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U.S. appetite for drugs begets violence migrants are fleeing
Topic - Manuel Zelaya
When the world last heard from Honduras in 2009, the country had sparked a regional crisis after deposing its president, Manuel Zelaya, for his repeated illegal attempts to rewrite the Honduran Constitution as his amigo, the now-deceased autocrat Hugo Chavez, had done in Venezuela. Despite the fact that the Law Library of the U.S. Congress later found the process to be constitutional, the Obama administration joined Chavez and other radical regimes in branding Mr. Zelaya's removal a "military coup" and unleashed punitive sanctions on one of the region's poorest countries.
The June 2009 Honduran Supreme Court order to arrest then-president Manuel Zelaya in accordance with the Honduran constitution was a blow to international socialism. President Obama, who seems to share Mr. Zelaya's socialist ideology, decided to support the corrupt, leftist leader of Honduras and unjustly take action on his behalf.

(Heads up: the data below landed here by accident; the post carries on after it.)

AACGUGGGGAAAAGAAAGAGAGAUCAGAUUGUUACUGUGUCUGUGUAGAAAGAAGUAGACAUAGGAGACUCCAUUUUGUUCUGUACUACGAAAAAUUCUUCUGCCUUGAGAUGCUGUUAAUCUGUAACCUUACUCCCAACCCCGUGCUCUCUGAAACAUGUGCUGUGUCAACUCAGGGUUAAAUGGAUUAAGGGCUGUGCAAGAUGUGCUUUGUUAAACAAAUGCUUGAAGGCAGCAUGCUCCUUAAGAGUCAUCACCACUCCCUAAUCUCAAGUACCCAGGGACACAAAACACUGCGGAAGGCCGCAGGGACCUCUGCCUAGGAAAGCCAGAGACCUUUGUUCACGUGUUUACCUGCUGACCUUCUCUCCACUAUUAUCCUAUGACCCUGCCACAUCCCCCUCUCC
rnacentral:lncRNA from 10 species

A secret cable from the U.S. Embassy in Honduras described former President Manuel Zelaya as a corrupt politician with links to organized crime a year before President Obama rushed to his defense after the Honduran Congress and courts removed Mr. Zelaya from office and created a diplomatic crisis in the Western Hemisphere.
Honduras survived that assault, but not before enduring such affronts to its sovereignty as Mr. Zelaya buzzing the airport in Tegucigalpa on a plane with Organization of American States Secretary General Jose Miguel Insulza after being denied landing rights, and then Mr. Zelaya sneaking back into the country and finding refuge in the Brazilian Embassy, where he lined his room with tinfoil because he said Israeli agents were beaming microwaves at him.